• Country in which the text is set
  • Impact

    The  poem The Dividing Line from the collection The Beach presents the dual face of the sea as a poetic motif: “A dividing line/erratic/bearing consuming/between flotsam/new land/and catastrophes”Those familiar with water are aware of both its beauty and of its horror.

    The poetic subject experiences a loss. The water takes his friends. And the tragedy of this is that they do not react, remaining sitting comfortably in their chairs until the water surrounds them. The poet is an alerter and admonisher.

    “The beach, with its view over the sea, is an important place in Rifbjerg’s poetic universe, here in connection with the unconscious, the far and the near, taken with one and the same aperture  to the point of an objectification of wanderlust, freedom and a deeper connectedness. Here is horizon, elevation, rises and falls”, Jørgen Gustava Brandt and Asger Schnack, 80 moderne danske digtere. Præsentation & Portræt, Copenhagen 1988.)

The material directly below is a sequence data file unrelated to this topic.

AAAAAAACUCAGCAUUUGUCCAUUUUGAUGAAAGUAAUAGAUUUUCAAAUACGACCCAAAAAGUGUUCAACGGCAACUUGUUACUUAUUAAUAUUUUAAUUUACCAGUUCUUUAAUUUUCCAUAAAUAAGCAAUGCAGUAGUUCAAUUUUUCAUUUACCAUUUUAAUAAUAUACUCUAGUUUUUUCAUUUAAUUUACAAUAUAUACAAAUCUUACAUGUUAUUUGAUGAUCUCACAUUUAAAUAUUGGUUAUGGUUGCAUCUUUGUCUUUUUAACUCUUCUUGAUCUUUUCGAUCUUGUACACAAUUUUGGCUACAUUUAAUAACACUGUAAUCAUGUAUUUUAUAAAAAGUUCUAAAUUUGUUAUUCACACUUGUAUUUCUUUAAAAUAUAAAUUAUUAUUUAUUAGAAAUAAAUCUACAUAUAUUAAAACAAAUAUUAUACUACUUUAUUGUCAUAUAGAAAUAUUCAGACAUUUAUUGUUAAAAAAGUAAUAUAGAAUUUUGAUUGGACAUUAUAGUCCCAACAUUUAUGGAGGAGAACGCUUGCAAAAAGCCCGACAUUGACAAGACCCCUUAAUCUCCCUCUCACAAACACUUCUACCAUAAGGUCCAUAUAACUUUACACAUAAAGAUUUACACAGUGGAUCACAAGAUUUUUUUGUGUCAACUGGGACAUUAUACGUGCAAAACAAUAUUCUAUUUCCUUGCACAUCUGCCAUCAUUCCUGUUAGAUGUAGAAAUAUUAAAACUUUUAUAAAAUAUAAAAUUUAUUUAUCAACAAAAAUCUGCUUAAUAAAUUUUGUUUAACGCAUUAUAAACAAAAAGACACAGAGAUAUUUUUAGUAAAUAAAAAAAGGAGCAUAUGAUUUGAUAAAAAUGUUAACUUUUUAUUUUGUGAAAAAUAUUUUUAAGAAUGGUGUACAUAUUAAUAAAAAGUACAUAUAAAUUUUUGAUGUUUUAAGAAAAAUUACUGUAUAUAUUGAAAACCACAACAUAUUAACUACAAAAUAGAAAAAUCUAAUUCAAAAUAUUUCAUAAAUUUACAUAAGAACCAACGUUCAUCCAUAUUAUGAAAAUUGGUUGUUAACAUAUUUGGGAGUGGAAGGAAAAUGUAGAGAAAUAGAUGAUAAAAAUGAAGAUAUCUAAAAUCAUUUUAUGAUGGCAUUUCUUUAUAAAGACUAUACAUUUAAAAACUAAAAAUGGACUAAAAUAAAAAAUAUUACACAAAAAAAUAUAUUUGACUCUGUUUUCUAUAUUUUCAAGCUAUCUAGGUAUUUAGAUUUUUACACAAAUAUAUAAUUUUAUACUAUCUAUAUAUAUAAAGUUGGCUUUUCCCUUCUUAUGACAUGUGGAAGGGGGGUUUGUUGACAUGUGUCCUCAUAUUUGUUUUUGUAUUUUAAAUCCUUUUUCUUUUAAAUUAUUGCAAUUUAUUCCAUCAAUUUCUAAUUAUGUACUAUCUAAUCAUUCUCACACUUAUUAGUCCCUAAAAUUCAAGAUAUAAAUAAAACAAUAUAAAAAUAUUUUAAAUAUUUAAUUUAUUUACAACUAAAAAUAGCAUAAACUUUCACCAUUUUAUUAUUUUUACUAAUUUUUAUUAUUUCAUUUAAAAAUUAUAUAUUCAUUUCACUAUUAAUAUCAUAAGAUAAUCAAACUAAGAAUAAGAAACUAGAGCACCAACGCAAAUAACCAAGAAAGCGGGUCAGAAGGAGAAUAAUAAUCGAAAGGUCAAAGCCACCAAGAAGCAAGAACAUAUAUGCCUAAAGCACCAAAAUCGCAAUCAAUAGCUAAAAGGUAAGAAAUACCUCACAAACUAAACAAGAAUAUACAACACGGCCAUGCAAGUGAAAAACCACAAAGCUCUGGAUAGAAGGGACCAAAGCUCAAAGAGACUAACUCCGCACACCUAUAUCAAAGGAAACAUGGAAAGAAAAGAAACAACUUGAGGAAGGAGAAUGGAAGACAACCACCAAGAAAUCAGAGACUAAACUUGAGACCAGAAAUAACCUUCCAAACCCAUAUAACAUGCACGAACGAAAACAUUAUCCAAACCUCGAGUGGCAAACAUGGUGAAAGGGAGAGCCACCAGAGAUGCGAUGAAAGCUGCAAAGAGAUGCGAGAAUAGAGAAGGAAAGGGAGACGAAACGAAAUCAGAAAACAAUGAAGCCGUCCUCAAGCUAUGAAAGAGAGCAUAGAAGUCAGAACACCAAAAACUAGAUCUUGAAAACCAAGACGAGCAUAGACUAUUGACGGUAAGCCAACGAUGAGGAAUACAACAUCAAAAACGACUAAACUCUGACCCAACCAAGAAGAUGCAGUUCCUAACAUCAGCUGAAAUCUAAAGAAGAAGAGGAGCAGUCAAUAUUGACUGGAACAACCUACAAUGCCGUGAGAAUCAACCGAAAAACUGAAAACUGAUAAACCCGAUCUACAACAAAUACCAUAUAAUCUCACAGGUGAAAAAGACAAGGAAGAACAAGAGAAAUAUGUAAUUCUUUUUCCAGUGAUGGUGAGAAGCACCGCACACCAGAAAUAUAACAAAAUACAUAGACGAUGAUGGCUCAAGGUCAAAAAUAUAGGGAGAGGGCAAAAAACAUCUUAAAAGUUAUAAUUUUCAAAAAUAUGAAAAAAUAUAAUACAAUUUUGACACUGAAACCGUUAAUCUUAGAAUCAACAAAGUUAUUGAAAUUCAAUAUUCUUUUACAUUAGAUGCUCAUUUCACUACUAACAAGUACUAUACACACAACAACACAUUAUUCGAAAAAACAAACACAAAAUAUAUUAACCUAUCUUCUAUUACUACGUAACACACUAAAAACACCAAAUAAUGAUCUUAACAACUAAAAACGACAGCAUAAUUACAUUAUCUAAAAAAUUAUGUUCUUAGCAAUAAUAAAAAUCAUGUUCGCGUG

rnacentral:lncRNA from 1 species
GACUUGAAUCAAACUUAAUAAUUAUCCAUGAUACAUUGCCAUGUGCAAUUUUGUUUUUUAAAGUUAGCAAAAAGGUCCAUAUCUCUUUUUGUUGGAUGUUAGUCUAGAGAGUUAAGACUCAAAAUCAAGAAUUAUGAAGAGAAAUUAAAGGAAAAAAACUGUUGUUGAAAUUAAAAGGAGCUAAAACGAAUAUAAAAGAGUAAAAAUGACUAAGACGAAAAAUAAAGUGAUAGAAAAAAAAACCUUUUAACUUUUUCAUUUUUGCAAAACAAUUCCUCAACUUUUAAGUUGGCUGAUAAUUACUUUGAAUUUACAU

The sea becomes a synonym for life itself, especially given that all life originally comes from the water. And yet the antithesis also comes into play: death breaks in. It has just as much a place here as life. The poet continues to resist it, does not give up, but in principle he can save nothing. A nightmare born of foam, arising from the sea.

  • Balticness

    We are not dealing with the Baltic Sea here, since the friends sitting in their chairs are obviously being engulfed by the incoming tide. And tides of the strength described in the poem are not found in the Baltic Sea but rather in its sister, the North Sea. Whatever the case, the precise location is not important here. After all, Denmark is a country between two seas.                  

    Lutz Volke

  • Bibliographic information

    København: Gyldendal 2001

  • Translations
    Language Year Translator
    German 1991 Lutz Volke
  • Year of first publication
  • Place of first publication

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